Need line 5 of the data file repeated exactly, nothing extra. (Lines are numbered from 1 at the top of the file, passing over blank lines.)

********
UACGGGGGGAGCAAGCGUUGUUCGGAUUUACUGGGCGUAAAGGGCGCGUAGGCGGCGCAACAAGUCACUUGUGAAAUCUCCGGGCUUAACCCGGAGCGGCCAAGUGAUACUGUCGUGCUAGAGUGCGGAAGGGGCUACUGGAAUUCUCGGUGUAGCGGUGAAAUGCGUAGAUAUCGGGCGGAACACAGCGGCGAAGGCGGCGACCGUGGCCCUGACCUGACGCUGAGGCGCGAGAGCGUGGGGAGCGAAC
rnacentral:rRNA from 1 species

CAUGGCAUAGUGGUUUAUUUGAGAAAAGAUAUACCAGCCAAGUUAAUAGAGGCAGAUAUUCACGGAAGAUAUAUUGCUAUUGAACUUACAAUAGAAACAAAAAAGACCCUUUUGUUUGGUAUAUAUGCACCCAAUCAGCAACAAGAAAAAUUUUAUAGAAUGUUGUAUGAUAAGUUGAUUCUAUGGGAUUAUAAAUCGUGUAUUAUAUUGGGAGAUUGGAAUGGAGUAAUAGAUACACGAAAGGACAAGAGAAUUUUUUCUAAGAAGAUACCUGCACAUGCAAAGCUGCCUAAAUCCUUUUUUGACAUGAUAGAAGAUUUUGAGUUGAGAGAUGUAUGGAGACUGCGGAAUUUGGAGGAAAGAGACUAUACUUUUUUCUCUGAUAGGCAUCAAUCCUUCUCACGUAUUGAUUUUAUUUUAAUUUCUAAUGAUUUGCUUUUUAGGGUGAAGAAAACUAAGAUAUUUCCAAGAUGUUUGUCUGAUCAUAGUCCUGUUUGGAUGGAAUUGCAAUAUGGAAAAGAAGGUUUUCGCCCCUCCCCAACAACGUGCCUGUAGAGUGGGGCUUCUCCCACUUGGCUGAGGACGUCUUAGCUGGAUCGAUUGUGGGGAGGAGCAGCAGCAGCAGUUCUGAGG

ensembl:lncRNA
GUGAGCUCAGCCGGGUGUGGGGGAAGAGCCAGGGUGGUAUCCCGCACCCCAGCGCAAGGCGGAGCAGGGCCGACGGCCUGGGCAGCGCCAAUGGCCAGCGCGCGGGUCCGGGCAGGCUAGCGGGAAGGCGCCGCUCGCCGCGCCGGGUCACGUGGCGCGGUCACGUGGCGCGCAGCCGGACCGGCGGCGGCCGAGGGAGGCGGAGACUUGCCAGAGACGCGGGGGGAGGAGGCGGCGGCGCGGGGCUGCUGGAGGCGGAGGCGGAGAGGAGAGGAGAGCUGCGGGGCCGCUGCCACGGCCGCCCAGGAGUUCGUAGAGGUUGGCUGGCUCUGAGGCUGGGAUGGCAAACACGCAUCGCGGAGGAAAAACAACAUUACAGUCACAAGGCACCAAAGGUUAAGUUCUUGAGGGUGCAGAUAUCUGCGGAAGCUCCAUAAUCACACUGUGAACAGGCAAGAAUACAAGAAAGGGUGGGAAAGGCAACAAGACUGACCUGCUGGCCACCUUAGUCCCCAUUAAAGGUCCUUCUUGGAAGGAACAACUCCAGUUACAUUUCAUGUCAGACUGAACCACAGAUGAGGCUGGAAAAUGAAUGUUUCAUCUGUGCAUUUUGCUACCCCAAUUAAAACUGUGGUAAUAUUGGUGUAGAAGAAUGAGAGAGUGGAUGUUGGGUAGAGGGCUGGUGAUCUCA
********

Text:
GUGAGCUCAGCCGGGUGUGGGGGAAGAGCCAGGGUGGUAUCCCGCACCCCAGCGCAAGGCGGAGCAGGGCCGACGGCCUGGGCAGCGCCAAUGGCCAGCGCGCGGGUCCGGGCAGGCUAGCGGGAAGGCGCCGCUCGCCGCGCCGGGUCACGUGGCGCGGUCACGUGGCGCGCAGCCGGACCGGCGGCGGCCGAGGGAGGCGGAGACUUGCCAGAGACGCGGGGGGAGGAGGCGGCGGCGCGGGGCUGCUGGAGGCGGAGGCGGAGAGGAGAGGAGAGCUGCGGGGCCGCUGCCACGGCCGCCCAGGAGUUCGUAGAGGUUGGCUGGCUCUGAGGCUGGGAUGGCAAACACGCAUCGCGGAGGAAAAACAACAUUACAGUCACAAGGCACCAAAGGUUAAGUUCUUGAGGGUGCAGAUAUCUGCGGAAGCUCCAUAAUCACACUGUGAACAGGCAAGAAUACAAGAAAGGGUGGGAAAGGCAACAAGACUGACCUGCUGGCCACCUUAGUCCCCAUUAAAGGUCCUUCUUGGAAGGAACAACUCCAGUUACAUUUCAUGUCAGACUGAACCACAGAUGAGGCUGGAAAAUGAAUGUUUCAUCUGUGCAUUUUGCUACCCCAAUUAAAACUGUGGUAAUAUUGGUGUAGAAGAAUGAGAGAGUGGAUGUUGGGUAGAGGGCUGGUGAUCUCA